Balearic Shearwater, photographed by Daniel Oro

Reference:

Morgan, G., McMinn, M., Wynn, R., Meier, R., Maurice, L., Sevilla, B., Rodriguez, A. & Guilford, T. 2013.  Establishing repeatable study plots on Sa Dragonera, Mallorca to assess population trends of the local breeding Balearic Shearwaters Puffinus mauretanicusSeabird 26: 32-41.

John Cooper, ACAP Information Officer, 08 February 2014

Short-tailed Albatross pair at the Mukojima translocation colony fails to hatch an egg for a second season

“Last season a pair of endangered Short-tailed Albatrosses Phoebastria albatrus (STAL) produced an egg for the first time at a prospective new breeding ground on an uninhabited island.  Researchers examining the egg found that it was infertile.  Expert analysis continues to determine reasons for failure to successfully hatch an egg at the new breeding site.

Short-tailed Albatross pair attempts to incubate their apparently infertile egg, Mukojima, Ogasawara Islands, November, 2013

The Japanese Ministry of Environment, Yamashina Institute for Ornithology, and other participants are attempting to establish the new breeding site at Mukojima, Ogasawara Islands, 350 kilometres away from the current breeding site at Torishima, Izu Islands because of the danger of annihilation of the breeding colony by volcanic eruption on Torishima.  Last November a surveillance camera installed by NHK and Yamashina Institute on Mukojima confirmed that a nesting STAL pair had again produced an egg.

When the egg failed to hatch on the day predicted early this month, researchers land[ed] on the island to examine the egg, [and] found it to be spoiled.  The year before last this same pair produced the first egg on Mukojima, but it failed to hatch, apparently being infertile (click here).

Since this season’s egg again did not contain a chick embryo, it appears not to have been fertilized.  Yamashina Deputy Director General Kyoaki Ozaki commented, “This is a young pair that we think may not yet have developed compatible breeding rhythms.  Considering that the female has a different ancestry from the Torishima population, we next have to investigate the influence of ecological differences.”

Kyoaki Ozaki writes to ACAP: “Unfortunately, the egg laid last December did not hatch.  [Tomohiro] Deguchi-san checked it on 12 January and the egg was already spoiled.  But this time both the male (A01) and female (unbanded) incubated.  We are hoping [for] next season!”

Click here to read earlier new stories on the translocation of Short-tailed Albatross chicks to Mukojima.

With thanks to Kiyoaki Ozaki, Division of Avian Conservation, Bird Migration Research Center, Yamashina Institute for Ornithology, Japan for information and to Chuck Pell for the translation from the original Japanese text.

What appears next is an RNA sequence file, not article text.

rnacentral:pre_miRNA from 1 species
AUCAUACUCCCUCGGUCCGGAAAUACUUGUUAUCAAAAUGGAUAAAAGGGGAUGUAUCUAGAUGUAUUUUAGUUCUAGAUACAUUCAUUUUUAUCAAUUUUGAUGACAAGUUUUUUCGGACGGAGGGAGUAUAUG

John Cooper, ACAP Information Officer, 05 February 2014

Wedge-tailed Shearwaters feeding small chicks in the Seychelles forage over an upwelling bank

Jacopo Cecere (Institute for Environmental Protection and Research, Ozzano dell'Emilia, Italy) and colleagues write in the journal Waterbirds on foraging grounds of Wedge-tailed Shearwaters Puffinus pacificus in the Seychelles.

The paper’s abstract follows:

“Seabird movements during foraging trips and their preference for particular areas have recently been the focus of many studies aimed at gaining a better understanding of the ecological requirements of several species.  During the last decade, the use of new devices, such as Global Positioning System (GPS) devices and geo-locator loggers, has allowed researchers to perform more investigations of this type.  GPS devices were used on Wedge-tailed Shearwaters (Puffinus pacificus) breeding on Aride Island, Seychelles, to identify the main foraging areas used during early chick-rearing and to assess at-sea foraging habitat selection.  Thirteen foraging trips were recorded, 61.5% of which lasted 1 day.  One main foraging area, located approximately 100 km east of the colony just outside a granitic bank characterized by upwelling and higher values of primary production compared to surrounding areas, was identified.  The foraging area size (3,313 km2) was much smaller than that identified during late chick-rearing (160,000 km2) in a previous study.  This is probably due to the exigency to feed chicks more regularly and hence to find foraging areas closer to the colony during the early chick-rearing.  The identification of key marine conservation areas, like those identified in this study, is a priority for designating marine Important Bird Areas and identifying habitat management measures.  The results of this study should be relevant for the development of conservation plans for Wedge-tailed Shearwaters and for other seabirds in the area.”

Wedge-tailed Shearwater in the Seychelles, photograph by Alan Burger

Reference:

Cecere, J.G., Calabrese, L. Rocamora, G. & Catoni, C. 2013.  Movement patterns and habitat selection of Wedge-tailed Shearwaters (Puffinus pacificus) breeding at Aride Island, Seychelles.  Waterbirds 36:c432-437. doi: .

John Cooper, ACAP Information Officer, 06 February 2014